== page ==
But my son has convinced me (with articles like the one above from the New York Magazine) that this will likely not happen. He thinks, and I now agree, that Romney’s gaffe will hurt him the way McCain’s gaffe over the financial panic following the collapse of the Lehman Brothers investment bank hurt his candidacy. The fence-sitters will see him as a self-absorbed political animal grasping at straws. No one left of the far right will see his attempts to attack a President in the midst of a crisis of major proportions as anything but a blunder of the first order.

I hope this is the case. John Hellemann certainly thinks so. He thinks it shows “. . .that Romney is losing, knows he is losing, and is starting to panic.” We do not need a President who panics in the face of calamity. Heaven knows terrible things happen and they seem to happen more and more frequently these days. We need a person in charge who exhibits confidence and calm in the face of chaos. That man is clearly not Mitt Romney. And judging by his past behavior in the Lehman Brothers crisis and his handling of the current situation in the Middle East it is Obama.  We will see if this episode hurts candidate Romney the way McCain was hurt by his panic in the face of the Lehman Brothers debacle. Time will tell. It usually does.

Change

I don’t pay much attention to polls. I especially tend to ignore pre-election polls. But a recent poll regarding the incumbent President’s chances to win in November and the “fact” that single women may win him the White House, while it suggests that single women may be the smartest segment of the voting public, raises some interesting issues that have nothing to do with polls. A recent story tells us that

In 2008, Republican Senator John McCain beat Obama 52%-47% among married voters, according to exit polls, while the Democrat [Obama} thumped him 65%-33% among unmarried people. That suggests that Obama has lost ground among married voters and unmarried voters alike. A drop would hardly be a surprise: Americans are unhappy about the sour economy three and a half years after the president took office vowing to fix it.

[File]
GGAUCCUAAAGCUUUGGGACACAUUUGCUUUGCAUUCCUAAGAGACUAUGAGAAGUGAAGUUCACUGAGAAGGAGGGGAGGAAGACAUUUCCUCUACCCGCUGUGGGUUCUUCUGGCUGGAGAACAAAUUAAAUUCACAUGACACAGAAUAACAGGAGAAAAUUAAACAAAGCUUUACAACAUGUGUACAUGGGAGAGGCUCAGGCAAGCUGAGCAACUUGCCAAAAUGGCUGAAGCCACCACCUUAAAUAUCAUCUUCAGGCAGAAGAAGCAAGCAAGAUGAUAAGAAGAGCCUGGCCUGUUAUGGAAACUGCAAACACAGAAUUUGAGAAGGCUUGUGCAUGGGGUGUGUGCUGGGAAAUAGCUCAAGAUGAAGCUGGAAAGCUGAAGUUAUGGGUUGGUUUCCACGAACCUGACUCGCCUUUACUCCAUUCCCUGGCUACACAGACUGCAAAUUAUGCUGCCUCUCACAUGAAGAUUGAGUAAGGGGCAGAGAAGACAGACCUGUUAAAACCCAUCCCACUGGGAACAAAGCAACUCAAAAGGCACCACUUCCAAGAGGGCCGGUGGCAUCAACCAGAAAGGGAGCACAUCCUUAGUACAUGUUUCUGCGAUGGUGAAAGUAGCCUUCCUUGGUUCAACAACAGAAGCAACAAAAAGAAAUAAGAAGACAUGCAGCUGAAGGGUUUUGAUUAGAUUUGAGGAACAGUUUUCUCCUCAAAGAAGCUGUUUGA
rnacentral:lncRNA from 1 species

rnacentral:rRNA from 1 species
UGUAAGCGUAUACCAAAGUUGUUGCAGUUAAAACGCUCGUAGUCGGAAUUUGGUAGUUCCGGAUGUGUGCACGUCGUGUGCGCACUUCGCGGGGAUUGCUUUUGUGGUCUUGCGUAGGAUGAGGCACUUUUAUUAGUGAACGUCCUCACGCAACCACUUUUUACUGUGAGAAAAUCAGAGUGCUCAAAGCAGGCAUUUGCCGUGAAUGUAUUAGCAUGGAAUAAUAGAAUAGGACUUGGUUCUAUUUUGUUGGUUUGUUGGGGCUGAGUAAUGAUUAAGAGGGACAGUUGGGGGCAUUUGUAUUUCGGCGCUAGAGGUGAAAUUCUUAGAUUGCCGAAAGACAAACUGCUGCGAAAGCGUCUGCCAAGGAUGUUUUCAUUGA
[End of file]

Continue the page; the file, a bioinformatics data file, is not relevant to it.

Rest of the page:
To begin with, Obama is being hoist by his own petard, having embraced the notion of “change” in his candidacy four years ago. He was going to be the President of Change and turn things around. Every political candidate promises this, of course. But he made it the focal point of his campaign. Big Mistake. The remarkable thing is that we still believe these people — after repeated failures to deliver on campaign promises. Further, Americans want what they want when they want it. We are an impatient people and if we grant the President three years to turn the economy around and he hasn’t done it we want someone else in there who will.

The problem is, of course, Obama was trying to get things done with a Republican Congress that refused to cooperate at every turn. He used up all his chips on health care, and he didn’t have many to begin with. We are now so deeply entrenched in party politics and there isn’t a man or woman alive who could effect meaningful change trying to work with people who are ideologically opposed to them in the Congress. It is naive to suppose that even if this man did everything he could to turn the economy around he could have done it alone. It’s not clear that a Republican President could have done it. The economy is in the toilet and no one seems to know what the magic formula is to pull it out (though I would suggest cuts in “defense,” increasing taxes on the wealthy, closing corporate loop-holes, shifting tax subsidies from Big Oil to clean energy thereby creating more jobs and helping to save the planet — for a start. But what do I know?).

Political promises are made to be broken. We simply should accept that fact going in. Furthermore, change takes time — years in the case of complex problems that have no simple solutions and where the infamous 1% seem to be in charge. This group as we know includes many members of Congress and as a whole they don’t really want radical change: they are doing just fine with things as they are, thank you very much.  Change may indeed come. But it will be very slow in coming and it may not be for the better.